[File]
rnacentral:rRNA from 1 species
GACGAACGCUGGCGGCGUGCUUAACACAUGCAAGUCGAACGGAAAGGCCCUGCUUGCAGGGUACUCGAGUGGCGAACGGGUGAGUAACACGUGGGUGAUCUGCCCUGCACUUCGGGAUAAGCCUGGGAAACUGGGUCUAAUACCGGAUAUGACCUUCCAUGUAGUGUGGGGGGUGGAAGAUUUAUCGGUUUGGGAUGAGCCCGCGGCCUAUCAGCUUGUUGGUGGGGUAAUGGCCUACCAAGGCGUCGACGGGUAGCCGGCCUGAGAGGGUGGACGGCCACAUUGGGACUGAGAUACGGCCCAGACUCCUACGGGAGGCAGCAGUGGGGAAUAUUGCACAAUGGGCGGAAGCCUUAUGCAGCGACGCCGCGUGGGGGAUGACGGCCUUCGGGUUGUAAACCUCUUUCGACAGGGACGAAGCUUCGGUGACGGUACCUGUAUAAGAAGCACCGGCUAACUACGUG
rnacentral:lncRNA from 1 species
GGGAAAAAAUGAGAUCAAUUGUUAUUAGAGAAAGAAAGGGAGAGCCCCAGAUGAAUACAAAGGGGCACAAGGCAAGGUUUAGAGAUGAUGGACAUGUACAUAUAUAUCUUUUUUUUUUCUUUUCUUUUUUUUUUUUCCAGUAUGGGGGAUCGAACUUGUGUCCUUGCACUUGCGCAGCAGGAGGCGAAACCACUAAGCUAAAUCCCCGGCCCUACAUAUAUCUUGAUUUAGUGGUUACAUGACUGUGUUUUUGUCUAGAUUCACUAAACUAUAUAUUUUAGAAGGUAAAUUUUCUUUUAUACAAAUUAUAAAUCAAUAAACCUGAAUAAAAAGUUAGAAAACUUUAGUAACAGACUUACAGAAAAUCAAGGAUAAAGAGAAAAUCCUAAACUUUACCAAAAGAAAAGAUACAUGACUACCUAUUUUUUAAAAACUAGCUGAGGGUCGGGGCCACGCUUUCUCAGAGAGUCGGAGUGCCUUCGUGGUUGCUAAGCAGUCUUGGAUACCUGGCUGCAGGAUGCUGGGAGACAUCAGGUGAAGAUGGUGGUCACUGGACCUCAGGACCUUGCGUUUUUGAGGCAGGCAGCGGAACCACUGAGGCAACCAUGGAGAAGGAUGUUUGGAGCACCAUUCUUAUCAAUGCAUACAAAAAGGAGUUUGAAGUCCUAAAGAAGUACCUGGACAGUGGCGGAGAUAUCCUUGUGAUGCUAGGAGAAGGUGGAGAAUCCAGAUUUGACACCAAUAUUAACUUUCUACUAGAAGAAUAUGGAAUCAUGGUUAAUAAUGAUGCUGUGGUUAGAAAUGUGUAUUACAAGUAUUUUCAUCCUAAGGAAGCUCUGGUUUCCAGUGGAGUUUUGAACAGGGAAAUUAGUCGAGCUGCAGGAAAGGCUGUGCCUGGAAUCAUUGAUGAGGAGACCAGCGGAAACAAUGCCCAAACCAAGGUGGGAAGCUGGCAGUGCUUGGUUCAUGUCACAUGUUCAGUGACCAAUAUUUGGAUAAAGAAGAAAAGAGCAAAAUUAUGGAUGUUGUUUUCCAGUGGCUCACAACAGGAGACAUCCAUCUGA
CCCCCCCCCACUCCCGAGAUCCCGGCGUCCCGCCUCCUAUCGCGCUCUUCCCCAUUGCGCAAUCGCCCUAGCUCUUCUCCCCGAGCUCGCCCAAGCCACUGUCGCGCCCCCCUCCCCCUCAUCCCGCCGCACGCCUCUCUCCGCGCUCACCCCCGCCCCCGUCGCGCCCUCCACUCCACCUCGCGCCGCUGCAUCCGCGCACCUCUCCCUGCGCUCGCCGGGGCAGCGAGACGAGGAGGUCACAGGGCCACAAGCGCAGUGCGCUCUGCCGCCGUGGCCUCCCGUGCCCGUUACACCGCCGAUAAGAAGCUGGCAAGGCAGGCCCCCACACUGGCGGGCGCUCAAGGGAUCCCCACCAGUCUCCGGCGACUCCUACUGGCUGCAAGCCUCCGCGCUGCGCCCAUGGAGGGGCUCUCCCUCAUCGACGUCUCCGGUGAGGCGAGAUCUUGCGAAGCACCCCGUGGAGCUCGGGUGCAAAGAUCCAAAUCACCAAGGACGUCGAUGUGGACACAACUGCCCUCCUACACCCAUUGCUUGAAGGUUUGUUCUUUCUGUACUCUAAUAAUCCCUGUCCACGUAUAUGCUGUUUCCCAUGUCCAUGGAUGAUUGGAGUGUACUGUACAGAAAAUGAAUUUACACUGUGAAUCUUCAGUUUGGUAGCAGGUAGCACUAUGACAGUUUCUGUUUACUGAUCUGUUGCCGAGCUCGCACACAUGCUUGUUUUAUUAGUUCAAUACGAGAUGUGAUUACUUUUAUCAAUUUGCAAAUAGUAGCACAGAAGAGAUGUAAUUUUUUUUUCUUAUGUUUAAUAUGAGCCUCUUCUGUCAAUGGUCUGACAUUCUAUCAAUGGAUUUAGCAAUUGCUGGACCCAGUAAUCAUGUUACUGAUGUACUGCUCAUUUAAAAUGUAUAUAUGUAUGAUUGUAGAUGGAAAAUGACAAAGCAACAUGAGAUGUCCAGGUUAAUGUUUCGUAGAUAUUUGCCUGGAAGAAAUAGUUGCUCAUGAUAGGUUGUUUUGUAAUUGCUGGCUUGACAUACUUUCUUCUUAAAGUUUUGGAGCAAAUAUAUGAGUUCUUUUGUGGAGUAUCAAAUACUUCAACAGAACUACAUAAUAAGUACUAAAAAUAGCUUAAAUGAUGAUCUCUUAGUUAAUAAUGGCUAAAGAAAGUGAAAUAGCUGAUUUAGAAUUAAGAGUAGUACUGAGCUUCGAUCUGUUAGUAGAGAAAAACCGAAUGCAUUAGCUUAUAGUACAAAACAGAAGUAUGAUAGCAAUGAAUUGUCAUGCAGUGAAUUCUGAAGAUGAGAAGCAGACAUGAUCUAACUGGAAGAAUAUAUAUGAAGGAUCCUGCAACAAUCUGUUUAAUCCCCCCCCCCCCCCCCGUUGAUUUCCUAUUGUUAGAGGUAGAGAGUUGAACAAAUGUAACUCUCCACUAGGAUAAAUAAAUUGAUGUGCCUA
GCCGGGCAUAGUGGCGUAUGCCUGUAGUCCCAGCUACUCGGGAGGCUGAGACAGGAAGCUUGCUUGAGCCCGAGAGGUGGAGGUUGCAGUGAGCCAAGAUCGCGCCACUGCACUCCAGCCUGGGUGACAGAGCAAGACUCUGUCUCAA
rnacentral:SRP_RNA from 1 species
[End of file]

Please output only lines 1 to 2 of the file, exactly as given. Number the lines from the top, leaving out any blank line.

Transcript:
rnacentral:rRNA from 1 species
GACGAACGCUGGCGGCGUGCUUAACACAUGCAAGUCGAACGGAAAGGCCCUGCUUGCAGGGUACUCGAGUGGCGAACGGGUGAGUAACACGUGGGUGAUCUGCCCUGCACUUCGGGAUAAGCCUGGGAAACUGGGUCUAAUACCGGAUAUGACCUUCCAUGUAGUGUGGGGGGUGGAAGAUUUAUCGGUUUGGGAUGAGCCCGCGGCCUAUCAGCUUGUUGGUGGGGUAAUGGCCUACCAAGGCGUCGACGGGUAGCCGGCCUGAGAGGGUGGACGGCCACAUUGGGACUGAGAUACGGCCCAGACUCCUACGGGAGGCAGCAGUGGGGAAUAUUGCACAAUGGGCGGAAGCCUUAUGCAGCGACGCCGCGUGGGGGAUGACGGCCUUCGGGUUGUAAACCUCUUUCGACAGGGACGAAGCUUCGGUGACGGUACCUGUAUAAGAAGCACCGGCUAACUACGUG